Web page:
A firebrand of America's West Coast punk rock scene, Jello Biafra first made a name for himself as the lead singer with the Dead Kennedys, the band that bridged the gap between first-era punk and hardcore, and divided his time between music, spoken word performing, and activism after they broke up. Possessing a distinctive high-pitched voice, a powerfully dramatic delivery, and a fearless willingness to attack any issue with words, Biafra becomes the spotlight figure no matter who he collaborates with, from D.O.A. and Mojo Nixon to the Melvins and NoMeansNo. One of his first and best (if dated) spoken word efforts was 1987's No More Cocoons, 1990's Last Scream of the Missing Neighbors, with D.O.A., is a highlight among his collaborative albums, and 2009's The Audacity of Hype introduced his first proper band since the breakup of the Dead Kennedys, the Guantanamo School of Medicine.

Jello Biafra was born Eric Boucher in Boulder, Colorado, and began collecting odd records in high school. He moved to San Francisco and took his stage name from the war-ravaged African nation then called Biafra, appending the name of the popular dessert substance because he liked the way the two sounded together. Biafra formed the Dead Kennedys in 1978, and the band quickly gained a following thanks to its hyper-driven sonic assault and Biafra's nasal, declamatory (and often quite funny) political rantings. In 1979, a year before the Kennedys' influential debut, Fresh Fruit for Rotting Vegetables, was released, Biafra ran for mayor of San Francisco on a bet; his platform included holding auctions for high-ranking city government positions, setting up a board of bribery to handle liquor licenses and building codes, banning automobiles in the city limits, forcing businessmen to dress in clown suits, and allowing vagrants legal access to empty buildings. (Voters apparently found the satire compelling enough to place Biafra fourth out of ten candidates.)

Fresh Fruit for Rotting Vegetables suffered distribution problems owing to the Dead Kennedys' name and subject matter, so Biafra formed his own Alternative Tentacles label in 1981 to counter the majors' reluctance to disseminate his material. When the Kennedys included a poster of H.R. Giger's painting Landscape #20 (Penis Landscape), which depicted rows of penises engaged in anal intercourse, in their 1985 album Frankenchrist, the band and label were prosecuted under California obscenity statutes for distributing "harmful matter to minors." Biafra's apartment was ransacked by police, and a trial was undertaken in April 1986 that lasted over a year; a hung jury resulted in the charges being dropped.

The already politically conscious Biafra emerged as an articulate champion of free speech, and with the Kennedys' breakup, he hit the college lecture circuit with a vengeance, expounding his views on American culture with a righteous anger and acerbic wit. His first solo recordings were spoken word affairs drawing on his lecture material -- No More Cocoons appeared in 1987, with High Priest of Harmful Matter: Tales from the Trial, a detailed, humorous account of the obscenity trial, following in 1989. Other spoken word releases would pop up from time to time, including 1991's I Blow Minds for a Living and 1994's three-CD set Beyond the Valley of the Gift Police. Biafra also offered frequent collaborations with other artists: the Lard project with Ministry's Al Jourgensen and Paul Barker (1988's Power of Lard EP, 1990's The Last Temptation of Reid); the D.O.A.-backed Last Scream of the Missing Neighbors EP (1990); a 1991 outing with Nomeansno entitled The Sky Is Falling, and I Want My Mommy; a side project with members of Steel Pole Bath Tub and King Snake Roost called Tumor Circus, which released a self-titled album in 1991; an EP with Plainfield; and several collaborations with Mojo Nixon, including an EP centered around the country parody "Will the Fetus Be Aborted" and the 1994 album Prairie Home Invasion.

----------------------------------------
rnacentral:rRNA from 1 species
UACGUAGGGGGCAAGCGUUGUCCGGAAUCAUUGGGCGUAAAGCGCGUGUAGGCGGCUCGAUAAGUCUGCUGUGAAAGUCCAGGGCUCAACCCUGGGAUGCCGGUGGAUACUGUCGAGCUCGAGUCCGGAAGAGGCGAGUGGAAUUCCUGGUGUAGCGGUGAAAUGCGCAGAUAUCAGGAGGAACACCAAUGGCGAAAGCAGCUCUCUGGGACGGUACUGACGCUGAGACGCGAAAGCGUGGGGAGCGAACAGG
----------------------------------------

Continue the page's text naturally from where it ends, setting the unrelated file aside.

In one of the most bizarre and least likely mishaps punk fans could imagine, Biafra was attacked at a San Francisco club in 1994 by skinheads who had somehow gotten the idea that he was a sellout; he was hospitalized for a time with two broken legs. After returning to Lard in 1997 for a new album, Pure Chewing Satisfaction, he issued the solo If Evolution Is Outlawed, Only Outlaws Will Evolve a year later and Become the Media in fall 2000. The Big Ka-Boom, Pt. 1 from 2002 was a 33-minute-long speech about the war on terrorism while Machine Gun in the Clown's Hand from later that year featured three discs' worth of spoken word from 2000-2002. The 2004 release Never Breathe What You Can't See found Biafra ranting over the heavy music of the Melvins. The collaboration continued on 2005's Sieg Howdy, which featured a cover version of the Alice Cooper classic "Halo of Flies." The three-CD set In the Grip of Official Treason landed in 2006.

Around the time of his 50th birthday, Biafra recruited Faith No More bassist Billy Gould, guitarists Ralph Spight and Kimo Ball, and drummer Jon Weiss to form Jello Biafra the Guantanamo School of Medicine. The band released three albums in quick succession, 2009's The Audacity of Hype, 2011's Enhanced Methods of Questioning, and 2013's White People the Damage Done. As he worked on new music, Biafra made guest appearances on albums by James Williamson (2014's Re-Licked), Al Jourgensen's project Surgical Meth Machine (2016's Surgical Meth Machine), Die Toten Hosen (2019's Zuhause Live: Das Laune der Natour-Finale/Auf der Suche nach der Schnapsinsel: Live im SO36), and Body Count (2020's Carnivore). 2021's Tea Party Revenge Porn was a fiercely political set that introduced a new lineup of the Guantanamo School of Medicine -- Ralph Spight on guitar, Larry Boothroyd on bass, and Jason Willer on drums. ~ Steve Huey & Mark Deming, Rovi

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